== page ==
# square root of sum of squares on portions of cell arrays - Matlab Noob

조회 수: 6 (최근 30일)
Mark . 2013년 3월 28일
I have a cell array, out5, with a single column of 2x1 vectors. I would like to take the square root of the sum of the squares of the two values in each vector for each of these vectors. I was looking at doing some code similar to this:
cellfun(@hypot,out5)
where,
out5 =
[0;0]
[0;-162]
[-54;72]
...
I would desire the output to be:
out6 = [sqrt(0^2 + 0^2) ; sqrt(0^2 + (-162)^2) ; sqrt((-54)^2 + 72^2) ; ... ]
I would also like the values to be either positive or negative depending on the first values in the vectors of out5. so for instance, the third vector in the cell array out5 [-54;72] the value output would be a negative since the first value is negative. In this example the final result would be:
[0 ; 162 ; -90]
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Mark 2013년 3월 28일
You're exactly right, but I want the value to be either positive or negative depending on whether or not the value of the first term is positive or negative.
Siddharth Pande 2013년 3월 28일
what is your cell an image for example if you are using a image in grey scale the piccture image quality is defined on 100 for white and 0 for black what i mean to say the darkest of the darkest image will also be a positve one so you define your image in positive range

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### 채택된 답변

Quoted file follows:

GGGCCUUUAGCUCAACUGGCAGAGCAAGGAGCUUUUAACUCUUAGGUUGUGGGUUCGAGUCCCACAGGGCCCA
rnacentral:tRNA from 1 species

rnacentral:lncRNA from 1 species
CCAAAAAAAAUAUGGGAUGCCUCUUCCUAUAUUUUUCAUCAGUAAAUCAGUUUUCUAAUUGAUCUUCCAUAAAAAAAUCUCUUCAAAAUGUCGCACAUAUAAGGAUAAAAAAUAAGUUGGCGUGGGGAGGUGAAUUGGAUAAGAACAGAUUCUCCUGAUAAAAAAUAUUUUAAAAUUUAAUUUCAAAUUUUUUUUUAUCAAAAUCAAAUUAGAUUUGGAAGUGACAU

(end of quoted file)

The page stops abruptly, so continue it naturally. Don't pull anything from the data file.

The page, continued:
Sven 2013년 3월 28일
편집: Sven 님. 2013년 3월 28일
out5 = {[0;0],[0;-162],[-54;72]}
cellfun(@(vec)hypot(vec)*((-2*double(vec(1)<0))+1),out5)
or
cellfun(@(vec)sqrt(sum(vec.^2))*((-2*double(vec(1)<0))+1),out5)
ans =
0 162 -90
The bit at the end: ((-2*double(vec(1)<0))+1)
Will return 1 for a positive (or zero), and -1 for a negative. The sign() function almost does that, but it returns zero for zero, which isn't quite what you want.
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Mark 2013년 3월 28일
Ah yes, thanks so much for the help! I have to say this community is one of the most helpful on the web. It was the sign() function issue. I'll have to have a look at a video tutorial if I can find one on the cellfun() and arrayfun() operations as the matlab help function browser wasn't clear enough for me.
Sven 2013년 3월 28일
Mark, the best way to think of cellfun/arrayfun is this:
1. Pretend you've got a variable (or variables) with names in the @(name1,name2) part.
2. Write a 1-line command that you would do with that/those variables
So in my example I've got cellfun(@( vec )... This means I just have to write something that refers to some variable called vec, and it will actually be the contents of the cell I'm giving. It's basically equivalent to:
for i=1:numel(out5)
vec = out5{i};
% Now I need to do something with *vec*
end

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